May 3, 1886
A few dozen elusive Apache holdouts, led by the intrepid holy man-warrior, Geronimo, are being pursued along the Arizona-Mexico border by nearly one-quarter of the United States Army.
Among the units hot on the trail of these last resisters are black troopers and their white officers of the 10th U.S. Cavalry. Captain Thomas C. Lebo commands Troop K as they finally close in on the Apaches in Sonora, Mexico, on May 3. The departmental commander would later laud the “great bravery” of Lebo’s horse soldiers during “this spirited engagement” that took place “against an enemy on ground of their own choosing, among rugged cliffs almost inaccessible.”
“The Indians held their ground and made an attempt to get our horses,” reported Lt. John Bigelow Jr., in the February 1887 edition of Outing. But these efforts were “frustrated by a covering force and a detail sent to drive the herd to the rear. Each side in the fight numbered about thirty men. Three Indians were seen to fall and to be dragged back out of fire, a pretty sure indication that they were killed or mortally wounded.”
But the Apaches struck down Troop K forces too, killing Pvt. Joseph Hollis, while another soldier, Cpl. Edward Scott, “was severely wounded and lay, disabled, exposed to the enemy’s fire….” In a selfless act of courage, Lt. Powhatan H. Clarke, Capt. Lebo’s second in command, carried Scott to safety.
Clarke wrote his father soon after the lethal exchange took place. His terse description captured some of the tense moments when he came under “flank fire from inaccessible rocks” 200 yards from the cavalry column.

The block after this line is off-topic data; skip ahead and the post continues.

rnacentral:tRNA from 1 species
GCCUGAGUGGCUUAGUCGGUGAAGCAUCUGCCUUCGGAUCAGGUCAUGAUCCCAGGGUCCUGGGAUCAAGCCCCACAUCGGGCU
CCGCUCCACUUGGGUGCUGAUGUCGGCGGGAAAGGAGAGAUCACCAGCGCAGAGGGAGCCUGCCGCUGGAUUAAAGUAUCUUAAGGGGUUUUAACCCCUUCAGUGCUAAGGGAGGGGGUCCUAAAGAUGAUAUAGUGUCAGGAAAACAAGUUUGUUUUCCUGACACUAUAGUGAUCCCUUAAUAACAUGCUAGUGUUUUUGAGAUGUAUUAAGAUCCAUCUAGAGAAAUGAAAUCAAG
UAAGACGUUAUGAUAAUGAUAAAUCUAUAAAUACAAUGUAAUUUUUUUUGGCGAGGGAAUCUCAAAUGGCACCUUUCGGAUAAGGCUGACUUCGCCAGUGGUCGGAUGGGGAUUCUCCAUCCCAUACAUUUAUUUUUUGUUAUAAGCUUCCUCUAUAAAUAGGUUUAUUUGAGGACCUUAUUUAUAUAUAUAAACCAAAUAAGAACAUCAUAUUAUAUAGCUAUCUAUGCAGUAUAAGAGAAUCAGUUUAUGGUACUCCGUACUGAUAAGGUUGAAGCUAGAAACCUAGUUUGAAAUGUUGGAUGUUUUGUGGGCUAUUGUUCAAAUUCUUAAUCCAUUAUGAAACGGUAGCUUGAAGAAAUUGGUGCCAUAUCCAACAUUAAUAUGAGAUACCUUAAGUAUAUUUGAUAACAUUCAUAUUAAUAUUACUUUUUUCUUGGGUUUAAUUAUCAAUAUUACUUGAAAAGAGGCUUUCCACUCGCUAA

With Cpl. Scott wounded in both legs, Clarke rushed to aid his comrade. He told his father: “I had some close calls while I was trying to pull the corporal from under fire and succeeded in getting him behind a bush and you can be sure it was a very new sensation to hear the bullets whiz and strike within six inches of me and not be able to see anything.”
The lieutenant went on to observe: “Our men were played out to begin with and from the position we were in all of us would have been struck….”
Despite the desperate situation, the troopers held their ground. Clarke concluded, in a letter to his mother, “The wounded Corporal has had to have his leg cut off…. This man rode seven miles without a groan, remarking to the Captain that he had seen forty men in one fight in a worse fix than he was.”
The gravely injured, stalwart soldier was forced into medical retirement, while his rescuer, Clarke, was singled out for his daring deed. After five years, the slow wheels of bureaucracy led to the shavetail’s bravery being recognized by the Medal of Honor.
Aftermath: Odds & Ends
Geronimo continued to strike on both sides of the U.S.-Mexico border, killing dozens of civilians before finally agreeing to meet Gen. Nelson Miles. He accepted Geronimo’s surrender at Skeleton Canyon, in September 1886.
Powhatan H. Clarke continued his work in the field. He received another citation for conspicuous gallantry, this time for chasing down some of the last Apache holdouts at Salt River in Arizona Territory, on March 7, 1890. And, on June 20, 1890, Clarke, along with fellow 10th Cavalry officer G.E. Stacks, co-commanded a special detachment of 30 White Mountain scouts near Rucker Canyon, on the trail of the Apache Kid.
During his Arizona years, Clarke went into garrison variously at San Carlos and at Forts Apache, Grant (his main quarter when Remington visited) and Thomas.
Recommended: From Cochise to Geronimo: The Chiricahua Apaches, 1874-1886 by Edwin R. Sweeney, published by University of Oklahoma Press, and The Apache Wars: The Hunt for Geronimo, the Apache Kid, and the Captive Boy Who Started the Longest War in American History by Paul Andrew Hutton, published by Crown.